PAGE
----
In October 1988, Alfa Romeo had started the design of a compact turbocharged V8 CART engine with which to start off their CART project. This was to enable the chassis to have the largest ground-effect diffuser possible as well as allowing the airflow to the rear wing to be as clean as possible. It took a reported four months to design the engine. Length, width and height were 585, 670 and 560mm, weight was quoted as 155kg. Bore and stroke were 86x57mm, giving a capacity of 2648cc. The power output was rated at 680hp at 11500rpm.

At first sight, this was lower than the claimed 710hp for the 1986 Ferrari 034 engine. This was a result of the reduction in maximum allowable turbo boost from 48 to 45 inch mercury introduced in 1988.

Although the Alfa V8 was inspired by the Ferrari 034 engine, the Alfa engine had a conventional design of exhausts on the outside and inlet plenum within the V. The Ferrari 034 had been rather unique because of having the exhausts within the V like they had done with the turbocharged V6 F1 engines used from 1981 to 1984. In post-war Indycar history the very same layout had been used in only a single engine: the turbocharged version of the Ford Quadcam V8 that was used between 1968 and 1978.

The engine design team was led by Claudio Lombardi and consisted of Giovanni Roffina, Luciano Caruso and Giuseppe D’Agostino. Special attention was given to the fact that the engine had to run on methanol and all the consequences related to the use of this fuel. During October 1988, the engine was still on the drawing board. In February 1989, however, it was running on the test bench. The engine made extensive use of small magnesium parts. Another weight-saving measure was the use of silicon aluminium cylinder liners within the cylinder block instead of more standard ductile iron liners. This alone saved 10kg. But some of the effects of all this weight reduction was lost instantly because of the use of a harmonic balancer mounted on the rear of the crankshaft and then connected with flywheel and clutch. The balancer reduced the vibrations running along the crankshaft but its use made it necessary to enlarge the bellhousing. None of the other CART quadcam V8 engines used such a crankshaft balancer.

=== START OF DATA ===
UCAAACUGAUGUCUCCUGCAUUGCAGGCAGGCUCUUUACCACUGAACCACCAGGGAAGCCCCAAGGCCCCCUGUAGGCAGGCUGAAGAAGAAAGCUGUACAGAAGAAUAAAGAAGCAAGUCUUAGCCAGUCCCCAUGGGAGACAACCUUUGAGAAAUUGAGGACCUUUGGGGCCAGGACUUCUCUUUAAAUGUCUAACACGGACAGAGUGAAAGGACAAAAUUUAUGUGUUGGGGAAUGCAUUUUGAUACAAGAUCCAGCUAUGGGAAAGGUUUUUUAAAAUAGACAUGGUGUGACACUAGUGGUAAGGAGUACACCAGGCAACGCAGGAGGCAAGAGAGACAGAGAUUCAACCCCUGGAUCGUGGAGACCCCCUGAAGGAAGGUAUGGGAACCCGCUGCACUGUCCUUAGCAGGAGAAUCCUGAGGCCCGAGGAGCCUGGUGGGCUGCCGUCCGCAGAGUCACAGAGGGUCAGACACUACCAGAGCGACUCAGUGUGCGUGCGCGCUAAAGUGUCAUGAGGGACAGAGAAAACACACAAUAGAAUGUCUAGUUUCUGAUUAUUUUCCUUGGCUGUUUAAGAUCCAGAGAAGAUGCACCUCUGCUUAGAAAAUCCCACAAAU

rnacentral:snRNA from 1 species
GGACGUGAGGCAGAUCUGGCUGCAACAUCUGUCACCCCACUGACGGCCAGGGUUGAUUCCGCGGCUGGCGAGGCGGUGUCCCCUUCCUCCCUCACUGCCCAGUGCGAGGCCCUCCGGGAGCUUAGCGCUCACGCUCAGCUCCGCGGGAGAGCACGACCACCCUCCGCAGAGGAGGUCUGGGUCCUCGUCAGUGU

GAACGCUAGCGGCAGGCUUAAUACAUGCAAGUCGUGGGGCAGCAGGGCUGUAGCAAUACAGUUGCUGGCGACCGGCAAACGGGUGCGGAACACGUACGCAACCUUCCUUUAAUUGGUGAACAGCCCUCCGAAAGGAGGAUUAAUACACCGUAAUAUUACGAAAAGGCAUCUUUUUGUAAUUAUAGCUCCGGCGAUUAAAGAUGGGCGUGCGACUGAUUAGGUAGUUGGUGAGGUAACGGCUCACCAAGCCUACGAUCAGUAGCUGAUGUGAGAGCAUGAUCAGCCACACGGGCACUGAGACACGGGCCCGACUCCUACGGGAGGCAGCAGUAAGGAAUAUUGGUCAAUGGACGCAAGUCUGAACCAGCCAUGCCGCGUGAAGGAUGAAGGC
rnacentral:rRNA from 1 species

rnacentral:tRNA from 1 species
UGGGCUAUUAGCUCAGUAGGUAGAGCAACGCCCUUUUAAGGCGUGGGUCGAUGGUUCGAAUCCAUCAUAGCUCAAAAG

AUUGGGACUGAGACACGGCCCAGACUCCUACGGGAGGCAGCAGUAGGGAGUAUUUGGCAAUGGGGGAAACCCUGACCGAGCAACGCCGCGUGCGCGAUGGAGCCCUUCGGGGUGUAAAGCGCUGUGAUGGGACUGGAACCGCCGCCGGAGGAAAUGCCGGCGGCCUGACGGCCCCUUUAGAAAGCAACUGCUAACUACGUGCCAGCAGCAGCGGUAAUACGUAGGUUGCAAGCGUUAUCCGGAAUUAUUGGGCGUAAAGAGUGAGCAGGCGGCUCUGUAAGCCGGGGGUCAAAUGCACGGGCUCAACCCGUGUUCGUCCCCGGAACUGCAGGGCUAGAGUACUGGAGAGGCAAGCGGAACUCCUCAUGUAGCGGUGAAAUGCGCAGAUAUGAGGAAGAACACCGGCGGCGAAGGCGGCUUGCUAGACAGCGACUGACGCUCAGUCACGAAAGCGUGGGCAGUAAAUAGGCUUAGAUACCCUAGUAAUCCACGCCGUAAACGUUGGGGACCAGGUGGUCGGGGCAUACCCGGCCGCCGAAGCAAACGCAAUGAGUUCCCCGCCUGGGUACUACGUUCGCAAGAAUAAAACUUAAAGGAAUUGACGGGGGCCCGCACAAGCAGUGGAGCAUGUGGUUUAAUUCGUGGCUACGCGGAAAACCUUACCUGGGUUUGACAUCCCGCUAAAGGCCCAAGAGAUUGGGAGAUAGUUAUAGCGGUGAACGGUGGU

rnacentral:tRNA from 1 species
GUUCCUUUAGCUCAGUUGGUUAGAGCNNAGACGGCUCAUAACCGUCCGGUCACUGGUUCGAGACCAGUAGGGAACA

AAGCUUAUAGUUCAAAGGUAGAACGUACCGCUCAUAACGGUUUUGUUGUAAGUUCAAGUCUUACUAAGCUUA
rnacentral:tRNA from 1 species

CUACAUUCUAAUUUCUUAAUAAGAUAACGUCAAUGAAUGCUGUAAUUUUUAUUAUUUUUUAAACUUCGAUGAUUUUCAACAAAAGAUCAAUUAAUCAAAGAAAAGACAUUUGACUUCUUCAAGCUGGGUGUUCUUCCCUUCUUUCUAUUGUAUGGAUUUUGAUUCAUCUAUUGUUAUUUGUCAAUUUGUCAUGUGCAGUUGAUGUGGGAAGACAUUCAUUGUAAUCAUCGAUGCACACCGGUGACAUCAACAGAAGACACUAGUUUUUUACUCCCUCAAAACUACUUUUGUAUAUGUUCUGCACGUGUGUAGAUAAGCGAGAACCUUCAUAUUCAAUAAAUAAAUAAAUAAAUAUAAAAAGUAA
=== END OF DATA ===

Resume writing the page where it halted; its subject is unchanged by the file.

The engine also received a fully electronic management system made by Magneti Marelli, complete with an electronically controlled wastegate for the turbocharger, which was made by Garrett.

Alfa Romeo Indy V8 specs, press kit

Technical specifications as listed in the Alfacorse press kit, released on June 16, 1989.

Alfa Romeo Indy V8

Picture of the Alfa Romeo V8 as released in the June '89 press kit. (photo copyright Alfacorse PR)

With hindsight...

The information released to the press about the 89CE has been proven to be too optimistic in several respects.

Johnny Capels informed us that it was his crew who completed the two 89CE cars, and they discovered that the cars had a complete miscalculation on the make-up of the tub and the torsional rigidity it should have had. There was, however, no more opportunity to correct this and the cars eventually went to the US as they were and were raced as such.

Then, to re-quote a comment we got from Johnny Capels a second time:

“With our help in the March shop we did have two new '89 March models ready for Indy but the progress of the engines was not to Alfa's satisfaction. The March chassis was conceived very quickly and basically was not anything new.”

Which supports a lot of claims about the strong 88C heritage of the 89CE, with practically no input from the 89P project into the 'in-house opponents' at March.

And indeed, when looking at the PR pictures of the car that were released, if the front suspension of the car is not visible you will have to look very, very closely to know whether you are dealing with an 89CE or an 88C.

Nevertheless, this was the car that arrived in the US to defend Alfa Romeo's honour in its first season in the CART series.